WHAT’S NEARBY: The Kemper Museum of Contemporary Art houses striking pieces by artists like Georgia O’Keeffe and Andy Warhol. Shopping and art collide at the nearby Country Club Plaza; Spanish-style towers, ornate statues and whimsical fountains complement the district’s offering of more than 180 shops and restaurants.  

WHAT’S NEW: In 2007, The Nelson-Atkins completed its first expansion since opening in 1933. The Steven Holl-designed Bloch Building adds the equivalent of a 67-story building lying on its side. The renovation of the 73-year-old original museum building, the reinstallation of its encyclopedic collection and a Sculpture Park expansion were also major components of the $200-million campus transformation.

DID YOU KNOW: Painted by influential Italian artist Caravaggio, one of the Museum’s greatest treasures is Saint John the Baptist in the Wilderness. The masterpiece is one of only a few original works by Caravaggio in American collections.

DON’T FORGET: The museum has late hours on Fridays. Open until 9 p.m., The Nelson-Atkins features live music and special art programming.

GROUP TOURS: Groups of 10 or more may schedule a free docent-led tour of the Museum’s collections. Group tours must be scheduled two weeks in advance and can be designed around special topics upon request.

PUBLIC TRANSPORTATION: Take the MAX to the Art Museums stop.

DRIVING DIRECTIONS:

From the north: Take I-35 South to Hwy 71 South. Exit at Emanuel Cleaver II Boulevard. Turn right on Emanuel Cleaver II Boulevard and then right on Oak Street. The parking garage entrance is on Oak Street, just north of the museum building.

From the west: Take I-70 East to I-670 East. Exit at I-35 South. Exit again at Southwest Trafficway from the left lane. Travel south for several blocks and then turn left on Emanuel Cleaver II Boulevard. Turn left on Oak Street. The parking garage entrance is on Oak Street, just north of the museum building.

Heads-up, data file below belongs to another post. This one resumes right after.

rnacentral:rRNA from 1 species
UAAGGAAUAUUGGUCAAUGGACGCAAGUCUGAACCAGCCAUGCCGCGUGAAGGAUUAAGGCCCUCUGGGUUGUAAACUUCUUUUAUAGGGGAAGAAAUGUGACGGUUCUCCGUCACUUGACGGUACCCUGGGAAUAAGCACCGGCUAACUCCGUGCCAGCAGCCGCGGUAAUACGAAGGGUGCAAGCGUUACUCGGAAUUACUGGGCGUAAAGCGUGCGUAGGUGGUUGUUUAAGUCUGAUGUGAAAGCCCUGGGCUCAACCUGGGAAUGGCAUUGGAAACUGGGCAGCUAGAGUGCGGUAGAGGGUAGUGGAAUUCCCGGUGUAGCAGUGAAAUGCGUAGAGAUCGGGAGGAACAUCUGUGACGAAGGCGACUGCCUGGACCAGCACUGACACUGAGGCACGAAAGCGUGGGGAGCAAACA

From the east: Take I-70 West and exit at I-35 South. Exit again at Southwest Trafficway from the left lane. Travel south for several blocks and then turn left on 47th Street, which becomes Emanuel Cleaver II Boulevard. Turn left on Oak Street. The parking garage entrance is on Oak Street, just north of the museum building.

From the south: Take I-35 North. Exit at Shawnee Mission Parkway/Highway 50. Take a right and head east. Continue on the same road which will become Ward Parkway and then Volker Boulevard. Turn left on Oak Street. The parking garage entrance is on Oak Street, just north of the museum building.

PARKING: Entrance to the parking garage is on the west side of The Nelson-Atkins Building on Oak Street. Parking is $5.

PUBLIC RELATIONS CONTACT: Kathleen Leighton, communications and media officer, 816-751-1278 or kleighton@nelson-atkins.org.

Media Contacts

Derek Klaus
National & Convention Media:
Derek Klaus
Director of Communications
816-691-3849
dklaus@visitkc.com | Twitter | LinkedIn
Toni Alexander
Regional & KC Media:
Toni Alexander
Communications Manager
816-691-3848
talexander@visitkc.com | LinkedIn